Review: ‘Boarding House Reach’ gets philosophical

Rock musician Jack White has released his third solo studio album, Boarding House Reach, nearly four years after his previous solo release Lazaretto. Compared to 2012’s Blunderbuss and Lazaretto, which contained a traditional rock and roll/alternative sound and more twangy production, respectively, Boarding House Reach takes on a fusion of funky-electro and gospel influences.

Jack White’s third studio album Boarding House Reach is more reflective than his previous work, with tracks that feature spoken word lyrics and a thoughtful, somber tone. Photo courtesy of Third Man Records.

Stylistically, Boarding House Reach is not unlike White’s previous solo albums, but White switches it up by incorporating vocal effects and spoken word tracks. Instead of focusing on an overall upheaval, White chose to make new thematic and lyrical choices on the album, reflecting on his observations of it. Perhaps for White, it’s not so much about changing his sound with each album, but about reflecting on new trials and tribulations in his life.

On almost the entirety of  Boarding House Reach’s 44 minutes and seven seconds, White attempts to impart wisdom on his listeners, and share his existential and philosophical realizations. His messages range from alluding to the Greek myth of Sisyphus and struggles with anxiety on “Over and Over and Over,” to urging listeners not to dress up their pets  on “Why Walk a Dog?” Elsewhere, White observes how people are missing out on experiencing the world due to an obsession with cell phones and technology, a message that shines through  on “Ezmerelda Steals the Show.”   

Even in songs that lack clear philosophical messages, White’s vocal delivery and choice to opt for spoken word poetry instead of traditional rhyme schemes prove that he’s really trying to speak out on this record. He also adopts a somewhat preachy tone throughout the album, with the spoken word style resembling sermons on songs like “Everything You’ve Ever Learned,”  “Abulia and Akrasia” and “Ezmerelda Steals the Show.” 

The songs that stand out the most are “Over and Over and Over,” “Corporation” and “Humoresque.” “Over and Over and Over” is one of the more traditional rock and roll songs of the album, but despite the grittier instrumentation, this track offers probably some of the most personal lyrics of the album. Lyrics like “And I’m punished for the passion / Only telling cause you’re asking” and “I think, therefore I die / Anxiety and I, rolling down a mountain” evidence this sentiment, using poetic devices to connect with the listener.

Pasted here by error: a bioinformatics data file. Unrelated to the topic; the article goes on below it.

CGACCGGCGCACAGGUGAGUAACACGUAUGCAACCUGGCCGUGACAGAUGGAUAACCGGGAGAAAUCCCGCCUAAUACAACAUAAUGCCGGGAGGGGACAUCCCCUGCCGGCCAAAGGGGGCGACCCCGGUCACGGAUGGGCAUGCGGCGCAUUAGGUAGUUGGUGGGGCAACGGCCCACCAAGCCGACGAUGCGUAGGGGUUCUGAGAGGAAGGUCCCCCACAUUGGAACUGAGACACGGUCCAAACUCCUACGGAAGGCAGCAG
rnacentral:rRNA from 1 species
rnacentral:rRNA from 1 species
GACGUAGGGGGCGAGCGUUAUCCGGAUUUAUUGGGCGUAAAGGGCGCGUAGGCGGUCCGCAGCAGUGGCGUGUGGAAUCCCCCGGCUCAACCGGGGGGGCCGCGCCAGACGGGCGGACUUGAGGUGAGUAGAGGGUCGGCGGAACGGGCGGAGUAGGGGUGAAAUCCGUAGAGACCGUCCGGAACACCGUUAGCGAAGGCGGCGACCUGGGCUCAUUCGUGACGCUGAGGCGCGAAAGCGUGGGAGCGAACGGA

“Corporation” is by far the most danceable track on Boarding House Reach. Although the instrumentation is quite catchy, White’s lyrics reveal a sign of the times: “Yeah, I’m thinking about starting a corporation. Who’s with me? Nowadays, that’s how you get adulation.”

The jazzy, piano-backed tune of “Humoresque” stands out from the rest of the album not only instrumentally, but also because it is the only track not written by White on the album. The song actually was written by Chicago mobster Al Capone while he was serving his sentence in Alcatraz, and White anonymously bid on the sheet music to use the music for himself.

White’s implementation of newer techno sounds and effects on Boarding House Reach has more significance than just trying new things musically, serving as a fitting soundscape for his newer lyrical content. Throughout, he makes a profound statement about society and technology, in relation to his own perception of the world. In some ways, he does it more sneakily (behind catchy guitar riffs) and other times he directly says how he feels (in the mellow instrumentation of the spoken word recordings). But no matter his technique, on Boarding House Reach, White is heard loud and clear.